There are many stories of people achieving dreams in later life. I have decided to be one of them. I have no idea how I’m going to make it happen, but my eyes are open and my antennae attuned.  When the opportunity presents itself, I’m ready to do the work. I still have good decades ahead of me!

Meanwhile, I am quite content with my life as it is – I am really enjoying nesting and caring for my family.  I just can’t bear the thought of never seeing my older children and grandchildren (and one day, great grandchildren) again.


To JMM, an old friend

25 April 2010

Night is coming.
I can see it in how seldom the light shines in your eyes,
and in how insistently the Earth reaches out to pull you to Her.

As we feel the darkness encroaching,
those of us who love you
come together to create a net
to carry you on our backs as your wings fail.
Not that you might fly again,
but that your landing be soft and sweet

You joke about calling a hearse to help you move to the table for a meal.
You tell me that you spent half of last week in England.
You don’t remember much, you say,
but you know you were happy there.
You didn’t want to come back.

I say to you, “Remembering doesn’t matter.
You were happy, and that’s what matters.”

You weren’t in England, of course. It was a dream.
A dream of a time when you could run like the wind,
when you could remember the words to write beautiful poetry.
When you moved through the kitchen, another of your domains, to feed your loved ones.

You didn’t want to come back to this time and place
where your home, your body, your mind are a prison.
Where good times and bad are forgotten so quickly that days become a blur of dissatisfaction.

You’re telling me, I know, that you’re making plans to “go to England”.
To leave behind this world that has become a prison.
To come again in a body that can run like the wind and a mind that again misses nothing.

You who were always there to hold a hand in the rough times, with calm insights and soothing reassurance to anyone in pain.
Now, I spread my wings and I hold you, until we reach the ground.

My tears are for my own loss.
Night is coming.
I will miss the sun of your love and friendship.

Samhain 2014

And the years have passed.

One by one, I watched as your supports fell away,
wearied by the passage of time, wearied by the slow fall.
Until finally, it was those who love you best who remained.
Pillars against the night, rooted in love.

Now, the deepest darkness encroaches,
I see the shades from the North and the West,
the souls of your beloved dead, come
to midwife your soul to the summerland.

Still you wait.
Still your soul watches from your too long stricken,
silent body. The time is near,
but not yet. The last of the loved ones hasn’t come to say goodbye.

As the family gathers, dear friend, I come silently,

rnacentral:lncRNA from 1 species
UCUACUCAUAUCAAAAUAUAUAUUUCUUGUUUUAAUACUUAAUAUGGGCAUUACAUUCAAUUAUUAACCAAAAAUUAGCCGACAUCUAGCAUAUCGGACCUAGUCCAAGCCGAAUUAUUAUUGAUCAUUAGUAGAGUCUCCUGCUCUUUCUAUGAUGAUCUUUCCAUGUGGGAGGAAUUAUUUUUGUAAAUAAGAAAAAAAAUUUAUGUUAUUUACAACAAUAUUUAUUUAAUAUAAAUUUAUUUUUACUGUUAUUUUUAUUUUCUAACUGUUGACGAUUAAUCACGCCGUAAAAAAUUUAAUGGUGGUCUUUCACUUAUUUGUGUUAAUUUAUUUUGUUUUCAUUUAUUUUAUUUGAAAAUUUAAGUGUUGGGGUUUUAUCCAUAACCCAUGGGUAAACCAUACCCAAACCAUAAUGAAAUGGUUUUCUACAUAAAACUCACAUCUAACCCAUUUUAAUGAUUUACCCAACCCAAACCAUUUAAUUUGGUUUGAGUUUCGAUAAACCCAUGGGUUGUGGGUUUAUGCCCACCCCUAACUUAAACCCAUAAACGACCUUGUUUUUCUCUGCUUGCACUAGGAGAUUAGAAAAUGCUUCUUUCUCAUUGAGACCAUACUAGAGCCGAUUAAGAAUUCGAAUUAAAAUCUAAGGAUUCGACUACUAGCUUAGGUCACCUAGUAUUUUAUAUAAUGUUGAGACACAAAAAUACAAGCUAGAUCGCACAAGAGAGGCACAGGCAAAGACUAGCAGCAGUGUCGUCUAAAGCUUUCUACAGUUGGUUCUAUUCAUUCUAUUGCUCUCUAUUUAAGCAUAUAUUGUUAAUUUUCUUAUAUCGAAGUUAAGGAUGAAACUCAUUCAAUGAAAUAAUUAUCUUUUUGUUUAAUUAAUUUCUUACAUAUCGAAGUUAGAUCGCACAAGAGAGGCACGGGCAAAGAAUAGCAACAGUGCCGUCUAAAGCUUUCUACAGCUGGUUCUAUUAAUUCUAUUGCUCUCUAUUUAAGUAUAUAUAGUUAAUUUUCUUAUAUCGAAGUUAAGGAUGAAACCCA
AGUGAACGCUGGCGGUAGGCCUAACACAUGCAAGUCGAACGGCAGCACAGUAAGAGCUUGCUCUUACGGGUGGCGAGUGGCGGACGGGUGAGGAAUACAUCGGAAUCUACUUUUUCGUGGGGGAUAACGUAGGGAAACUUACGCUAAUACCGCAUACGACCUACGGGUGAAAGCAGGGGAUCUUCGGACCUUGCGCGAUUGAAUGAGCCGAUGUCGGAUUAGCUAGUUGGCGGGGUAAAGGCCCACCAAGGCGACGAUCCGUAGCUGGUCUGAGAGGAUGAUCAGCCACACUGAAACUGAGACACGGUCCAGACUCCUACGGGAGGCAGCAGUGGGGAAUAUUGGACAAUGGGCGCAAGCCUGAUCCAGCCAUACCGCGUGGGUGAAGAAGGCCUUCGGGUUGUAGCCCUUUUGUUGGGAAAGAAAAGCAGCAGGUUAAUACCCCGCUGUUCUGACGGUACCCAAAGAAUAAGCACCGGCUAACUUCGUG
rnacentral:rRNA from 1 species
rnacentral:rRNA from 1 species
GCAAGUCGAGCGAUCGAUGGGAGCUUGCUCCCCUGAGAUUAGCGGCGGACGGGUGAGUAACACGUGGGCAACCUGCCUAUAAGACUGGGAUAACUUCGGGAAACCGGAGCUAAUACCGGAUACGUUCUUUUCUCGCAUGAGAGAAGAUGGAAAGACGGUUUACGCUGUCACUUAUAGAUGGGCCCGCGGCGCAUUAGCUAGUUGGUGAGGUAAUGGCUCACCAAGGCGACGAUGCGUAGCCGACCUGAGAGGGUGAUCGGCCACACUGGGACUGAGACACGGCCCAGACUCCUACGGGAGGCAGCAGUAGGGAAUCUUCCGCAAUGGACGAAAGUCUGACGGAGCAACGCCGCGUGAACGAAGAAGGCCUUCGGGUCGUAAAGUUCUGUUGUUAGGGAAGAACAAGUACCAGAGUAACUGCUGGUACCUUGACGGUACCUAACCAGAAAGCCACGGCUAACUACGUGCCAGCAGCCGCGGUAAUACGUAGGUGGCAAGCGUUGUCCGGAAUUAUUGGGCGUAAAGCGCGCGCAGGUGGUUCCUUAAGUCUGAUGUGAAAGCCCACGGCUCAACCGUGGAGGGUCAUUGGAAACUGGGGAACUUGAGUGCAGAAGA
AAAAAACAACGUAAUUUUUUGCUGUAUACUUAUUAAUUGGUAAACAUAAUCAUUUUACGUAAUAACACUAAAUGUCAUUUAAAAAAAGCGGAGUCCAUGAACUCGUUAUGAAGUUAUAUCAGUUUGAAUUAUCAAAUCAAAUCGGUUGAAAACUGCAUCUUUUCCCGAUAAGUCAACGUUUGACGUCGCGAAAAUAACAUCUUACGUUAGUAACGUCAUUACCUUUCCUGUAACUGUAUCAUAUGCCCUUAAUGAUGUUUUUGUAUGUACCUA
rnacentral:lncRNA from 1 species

intangibly, to say my final farewells. Here, where there is only you and me.
I have loved you, dear friend, for many years.
That will never change.

My tears are for my own loss.
Winter is coming.
I will miss the sun of your love and friendship.

(c) 2014 Misti Anslin Delaney Smith


Happy Samhain/Beltaine, everyone!!

I have not being doing all that well with photography this winter. I’ve been pondering why that is.

Part of it is sheer laziness with finding subjects.

Part of it is that because it’s so small, our house is hard to photograph – and the light in the parlour is not all that beautiful.

Actually, it’s pretty dark. Now, that’s an excellent challenge to tackle, but…tackling a challenge requires energy and confidence. Something that has been in short supply this winter.

I have taken a fair few photos in our beautifully lit kitchen…but the kitchen isn’t all that beautifully decorated so I haven’t found a great deal to share.

However, a few weeks ago, I found this list of stock photos on Pip’s blogging course. On a day that was too cold and wet to go out adventuring, Rod, Jack, and I pulled out our cameras and started with the list for inspiration. Actually, I’m not sure how many of the suggestions we actually used, because once we started with the assignment to “make stock photos that illustrate our world”, we were busy for almost an hour!  I’ll be revisiting the list again when I start to get low on ideas again. I had been away from the caera for long enough that the quality isn’t what I wish it were for most of them, but it’s a start.

I also found another free online photography course, so I signed up.  I need the inspiration of assignments for a while.

With The Garden Project: Step One completed, I hope to use the “free” time to lure the guys out for more portraits soon. Portraits are always my favourite.

Garden box progress – the end of step one!

Sorry to have been away for a bit.